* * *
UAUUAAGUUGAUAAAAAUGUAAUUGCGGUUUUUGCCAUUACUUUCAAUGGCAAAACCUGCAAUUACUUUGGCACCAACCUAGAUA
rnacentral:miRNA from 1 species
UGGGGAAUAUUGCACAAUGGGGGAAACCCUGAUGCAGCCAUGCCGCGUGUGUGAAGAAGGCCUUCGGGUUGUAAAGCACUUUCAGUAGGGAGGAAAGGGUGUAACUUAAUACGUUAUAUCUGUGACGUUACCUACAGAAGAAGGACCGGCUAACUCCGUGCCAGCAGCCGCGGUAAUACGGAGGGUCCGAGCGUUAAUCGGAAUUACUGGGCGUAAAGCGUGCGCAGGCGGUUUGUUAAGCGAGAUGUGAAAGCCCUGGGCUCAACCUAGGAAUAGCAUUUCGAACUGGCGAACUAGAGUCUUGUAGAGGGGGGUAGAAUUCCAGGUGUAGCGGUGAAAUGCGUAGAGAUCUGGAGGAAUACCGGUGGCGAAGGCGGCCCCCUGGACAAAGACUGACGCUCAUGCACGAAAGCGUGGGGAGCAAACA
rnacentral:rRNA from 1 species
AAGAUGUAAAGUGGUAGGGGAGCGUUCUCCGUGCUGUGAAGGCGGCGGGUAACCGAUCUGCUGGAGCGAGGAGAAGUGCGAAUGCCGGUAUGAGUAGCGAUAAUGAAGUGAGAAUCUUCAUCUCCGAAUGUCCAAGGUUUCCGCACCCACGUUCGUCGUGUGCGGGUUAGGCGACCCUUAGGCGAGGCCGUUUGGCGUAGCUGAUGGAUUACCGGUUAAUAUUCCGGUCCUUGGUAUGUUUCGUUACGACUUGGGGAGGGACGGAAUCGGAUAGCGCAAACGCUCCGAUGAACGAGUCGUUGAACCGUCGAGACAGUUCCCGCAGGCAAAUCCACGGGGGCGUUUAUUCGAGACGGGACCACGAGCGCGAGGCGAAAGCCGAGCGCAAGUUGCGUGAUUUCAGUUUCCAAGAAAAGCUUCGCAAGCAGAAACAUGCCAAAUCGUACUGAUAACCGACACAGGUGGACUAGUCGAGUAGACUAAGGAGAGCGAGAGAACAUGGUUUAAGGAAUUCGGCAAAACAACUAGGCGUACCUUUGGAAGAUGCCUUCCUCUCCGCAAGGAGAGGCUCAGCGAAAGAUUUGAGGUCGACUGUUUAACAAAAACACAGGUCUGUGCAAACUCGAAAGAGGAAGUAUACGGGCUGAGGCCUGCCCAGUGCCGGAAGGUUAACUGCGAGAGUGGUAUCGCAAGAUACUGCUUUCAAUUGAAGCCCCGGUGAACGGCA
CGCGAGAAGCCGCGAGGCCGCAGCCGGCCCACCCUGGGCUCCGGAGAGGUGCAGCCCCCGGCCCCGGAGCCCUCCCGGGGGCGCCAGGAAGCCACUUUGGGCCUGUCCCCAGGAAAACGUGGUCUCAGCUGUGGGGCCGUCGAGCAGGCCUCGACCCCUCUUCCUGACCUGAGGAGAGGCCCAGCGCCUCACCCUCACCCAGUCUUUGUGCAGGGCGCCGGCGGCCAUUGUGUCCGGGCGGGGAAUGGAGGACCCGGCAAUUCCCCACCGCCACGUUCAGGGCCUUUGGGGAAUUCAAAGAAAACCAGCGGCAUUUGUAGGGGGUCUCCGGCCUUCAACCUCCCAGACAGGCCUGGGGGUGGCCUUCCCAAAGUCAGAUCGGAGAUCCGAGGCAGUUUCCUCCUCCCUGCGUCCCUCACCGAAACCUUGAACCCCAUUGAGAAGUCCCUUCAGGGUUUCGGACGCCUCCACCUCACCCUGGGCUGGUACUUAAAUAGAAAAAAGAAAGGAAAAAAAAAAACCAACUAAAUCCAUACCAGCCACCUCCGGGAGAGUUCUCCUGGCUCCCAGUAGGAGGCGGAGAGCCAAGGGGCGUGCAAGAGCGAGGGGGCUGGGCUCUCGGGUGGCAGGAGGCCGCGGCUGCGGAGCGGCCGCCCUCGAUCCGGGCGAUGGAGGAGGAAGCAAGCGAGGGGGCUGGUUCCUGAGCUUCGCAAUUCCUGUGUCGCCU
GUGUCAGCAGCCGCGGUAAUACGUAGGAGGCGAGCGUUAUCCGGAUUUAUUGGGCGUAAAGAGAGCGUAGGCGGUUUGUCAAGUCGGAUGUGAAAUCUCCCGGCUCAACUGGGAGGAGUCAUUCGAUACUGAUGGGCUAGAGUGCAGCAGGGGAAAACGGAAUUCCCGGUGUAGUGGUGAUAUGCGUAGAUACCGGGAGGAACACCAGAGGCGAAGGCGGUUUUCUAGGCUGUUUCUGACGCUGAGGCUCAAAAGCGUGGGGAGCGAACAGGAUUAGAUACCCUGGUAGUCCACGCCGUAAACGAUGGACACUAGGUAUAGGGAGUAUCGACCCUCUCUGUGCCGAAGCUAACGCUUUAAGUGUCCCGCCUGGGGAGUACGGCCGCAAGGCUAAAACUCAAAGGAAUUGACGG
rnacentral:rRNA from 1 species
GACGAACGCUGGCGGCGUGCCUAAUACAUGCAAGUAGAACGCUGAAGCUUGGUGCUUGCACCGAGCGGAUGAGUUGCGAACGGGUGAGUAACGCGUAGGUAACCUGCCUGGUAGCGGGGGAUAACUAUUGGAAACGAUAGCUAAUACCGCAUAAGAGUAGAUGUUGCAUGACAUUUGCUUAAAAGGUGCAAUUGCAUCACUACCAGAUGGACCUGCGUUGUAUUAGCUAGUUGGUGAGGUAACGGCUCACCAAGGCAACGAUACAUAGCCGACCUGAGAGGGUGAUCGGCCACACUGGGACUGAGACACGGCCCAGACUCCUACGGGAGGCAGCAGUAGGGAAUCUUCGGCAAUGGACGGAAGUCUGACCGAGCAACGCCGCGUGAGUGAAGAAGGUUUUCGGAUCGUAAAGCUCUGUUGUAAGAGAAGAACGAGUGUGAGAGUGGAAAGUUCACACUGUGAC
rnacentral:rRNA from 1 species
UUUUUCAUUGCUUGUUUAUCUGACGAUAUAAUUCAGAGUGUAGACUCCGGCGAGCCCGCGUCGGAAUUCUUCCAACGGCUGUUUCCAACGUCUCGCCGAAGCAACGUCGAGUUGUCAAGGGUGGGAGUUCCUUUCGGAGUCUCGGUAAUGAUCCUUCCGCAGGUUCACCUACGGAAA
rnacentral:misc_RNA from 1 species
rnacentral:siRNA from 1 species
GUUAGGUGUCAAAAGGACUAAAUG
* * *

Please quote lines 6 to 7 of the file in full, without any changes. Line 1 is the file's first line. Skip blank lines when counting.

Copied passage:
CGCGAGAAGCCGCGAGGCCGCAGCCGGCCCACCCUGGGCUCCGGAGAGGUGCAGCCCCCGGCCCCGGAGCCCUCCCGGGGGCGCCAGGAAGCCACUUUGGGCCUGUCCCCAGGAAAACGUGGUCUCAGCUGUGGGGCCGUCGAGCAGGCCUCGACCCCUCUUCCUGACCUGAGGAGAGGCCCAGCGCCUCACCCUCACCCAGUCUUUGUGCAGGGCGCCGGCGGCCAUUGUGUCCGGGCGGGGAAUGGAGGACCCGGCAAUUCCCCACCGCCACGUUCAGGGCCUUUGGGGAAUUCAAAGAAAACCAGCGGCAUUUGUAGGGGGUCUCCGGCCUUCAACCUCCCAGACAGGCCUGGGGGUGGCCUUCCCAAAGUCAGAUCGGAGAUCCGAGGCAGUUUCCUCCUCCCUGCGUCCCUCACCGAAACCUUGAACCCCAUUGAGAAGUCCCUUCAGGGUUUCGGACGCCUCCACCUCACCCUGGGCUGGUACUUAAAUAGAAAAAAGAAAGGAAAAAAAAAAACCAACUAAAUCCAUACCAGCCACCUCCGGGAGAGUUCUCCUGGCUCCCAGUAGGAGGCGGAGAGCCAAGGGGCGUGCAAGAGCGAGGGGGCUGGGCUCUCGGGUGGCAGGAGGCCGCGGCUGCGGAGCGGCCGCCCUCGAUCCGGGCGAUGGAGGAGGAAGCAAGCGAGGGGGCUGGUUCCUGAGCUUCGCAAUUCCUGUGUCGCCU
GUGUCAGCAGCCGCGGUAAUACGUAGGAGGCGAGCGUUAUCCGGAUUUAUUGGGCGUAAAGAGAGCGUAGGCGGUUUGUCAAGUCGGAUGUGAAAUCUCCCGGCUCAACUGGGAGGAGUCAUUCGAUACUGAUGGGCUAGAGUGCAGCAGGGGAAAACGGAAUUCCCGGUGUAGUGGUGAUAUGCGUAGAUACCGGGAGGAACACCAGAGGCGAAGGCGGUUUUCUAGGCUGUUUCUGACGCUGAGGCUCAAAAGCGUGGGGAGCGAACAGGAUUAGAUACCCUGGUAGUCCACGCCGUAAACGAUGGACACUAGGUAUAGGGAGUAUCGACCCUCUCUGUGCCGAAGCUAACGCUUUAAGUGUCCCGCCUGGGGAGUACGGCCGCAAGGCUAAAACUCAAAGGAAUUGACGG